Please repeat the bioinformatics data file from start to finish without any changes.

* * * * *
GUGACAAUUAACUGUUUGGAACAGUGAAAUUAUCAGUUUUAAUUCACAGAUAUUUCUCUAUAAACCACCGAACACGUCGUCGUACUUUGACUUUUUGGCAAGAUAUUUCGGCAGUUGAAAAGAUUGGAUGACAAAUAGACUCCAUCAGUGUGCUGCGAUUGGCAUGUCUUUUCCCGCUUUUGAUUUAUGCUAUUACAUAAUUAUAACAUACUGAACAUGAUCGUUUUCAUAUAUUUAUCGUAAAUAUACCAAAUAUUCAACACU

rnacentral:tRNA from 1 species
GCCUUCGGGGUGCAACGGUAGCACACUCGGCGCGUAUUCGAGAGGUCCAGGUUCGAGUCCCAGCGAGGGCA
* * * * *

GUGACAAUUAACUGUUUGGAACAGUGAAAUUAUCAGUUUUAAUUCACAGAUAUUUCUCUAUAAACCACCGAACACGUCGUCGUACUUUGACUUUUUGGCAAGAUAUUUCGGCAGUUGAAAAGAUUGGAUGACAAAUAGACUCCAUCAGUGUGCUGCGAUUGGCAUGUCUUUUCCCGCUUUUGAUUUAUGCUAUUACAUAAUUAUAACAUACUGAACAUGAUCGUUUUCAUAUAUUUAUCGUAAAUAUACCAAAUAUUCAACACU

rnacentral:tRNA from 1 species
GCCUUCGGGGUGCAACGGUAGCACACUCGGCGCGUAUUCGAGAGGUCCAGGUUCGAGUCCCAGCGAGGGCA